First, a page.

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A systematic review update of athletes' nutrition knowledge and association with dietary intake

Athletes' dietary intakes sometimes do not meet sports nutrition guidelines. Nutrition knowledge (NK) is one factor that may influence dietary intake, but NK measurement tools are often outdated or unvalidated, and results regarding athletes' NK are equivocal. The aims of this systematic review were to update previous systematic reviews by examining athletes' NK and to assess the relationship between athletes' general NK, sport NK and dietary intake. MEDLINE, CINAHL, Scopus, SPORTDiscus, Web of Science, and Cochrane were searched for studies published between November 2015 and November 2020, that provided a quantitative measure of NK and described the NK tool used. Twenty-eight studies were included; study quality was assessed using JBI checklists and data on NK score, diet intake was extracted. Eight studies utilised validated, up-to-date NK measurement tools. Mean general and sport NK% scores varied between 40.2% ± 12.4 and 70 % ± 9. Mean protein and carbohydrate consumption were 1.1-3.4 g/kg.bw/day and 2.4-4.6 g/kg.bw/day, respectively. Weak-to-moderate, positive associations were found between NK and positive dietary behaviours. Due to a wide variety of NK measurement tools used, it is difficult to synthesise results to determine overall NK in athletes. Overall, there appears to be a low standard of knowledge. Quality of measurement tools for NK has improved but remains an issue. Future studies should use relevant, current validated NK tools, or validate tools in their study population. More research is needed into the relationship between NK and other modifiable factors influencing dietary intake.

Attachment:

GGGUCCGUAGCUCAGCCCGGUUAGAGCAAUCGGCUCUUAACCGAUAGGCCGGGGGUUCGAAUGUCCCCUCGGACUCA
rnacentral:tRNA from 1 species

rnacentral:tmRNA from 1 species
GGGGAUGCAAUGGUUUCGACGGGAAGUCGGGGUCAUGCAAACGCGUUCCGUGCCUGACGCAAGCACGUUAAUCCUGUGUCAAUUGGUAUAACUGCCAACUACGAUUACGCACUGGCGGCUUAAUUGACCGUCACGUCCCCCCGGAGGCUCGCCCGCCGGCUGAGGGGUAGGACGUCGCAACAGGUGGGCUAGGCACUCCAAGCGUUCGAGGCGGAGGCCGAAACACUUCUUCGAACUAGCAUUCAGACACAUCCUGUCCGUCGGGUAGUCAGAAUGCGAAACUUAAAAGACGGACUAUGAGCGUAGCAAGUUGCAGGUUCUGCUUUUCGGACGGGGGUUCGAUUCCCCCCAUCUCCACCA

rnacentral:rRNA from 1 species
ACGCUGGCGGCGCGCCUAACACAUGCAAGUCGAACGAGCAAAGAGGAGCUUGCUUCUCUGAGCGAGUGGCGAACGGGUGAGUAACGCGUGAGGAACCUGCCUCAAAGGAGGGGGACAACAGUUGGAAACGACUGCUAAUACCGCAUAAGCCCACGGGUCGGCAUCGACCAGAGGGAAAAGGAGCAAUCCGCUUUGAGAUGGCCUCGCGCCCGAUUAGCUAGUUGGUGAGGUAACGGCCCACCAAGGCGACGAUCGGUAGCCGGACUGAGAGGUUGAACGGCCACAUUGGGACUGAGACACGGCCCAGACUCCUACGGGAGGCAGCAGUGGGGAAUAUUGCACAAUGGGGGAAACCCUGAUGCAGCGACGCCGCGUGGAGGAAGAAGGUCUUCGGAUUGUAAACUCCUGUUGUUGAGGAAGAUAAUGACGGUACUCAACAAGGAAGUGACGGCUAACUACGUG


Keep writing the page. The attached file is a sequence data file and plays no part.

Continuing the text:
History

Publication Date

28/10/2021

Journal

British Journal of Nutrition

Pagination

14p.

Publisher

Cambridge University Press

ISSN

0007-1145

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The Author reserves all moral rights over the deposited text and must be credited if any re-use occurs. Documents deposited in OPAL are the Open Access versions of outputs published elsewhere. Changes resulting from the publishing process may therefore not be reflected in this document. The final published version may be obtained via the publisher’s DOI. Please note that additional copyright and access restrictions may apply to the published version.

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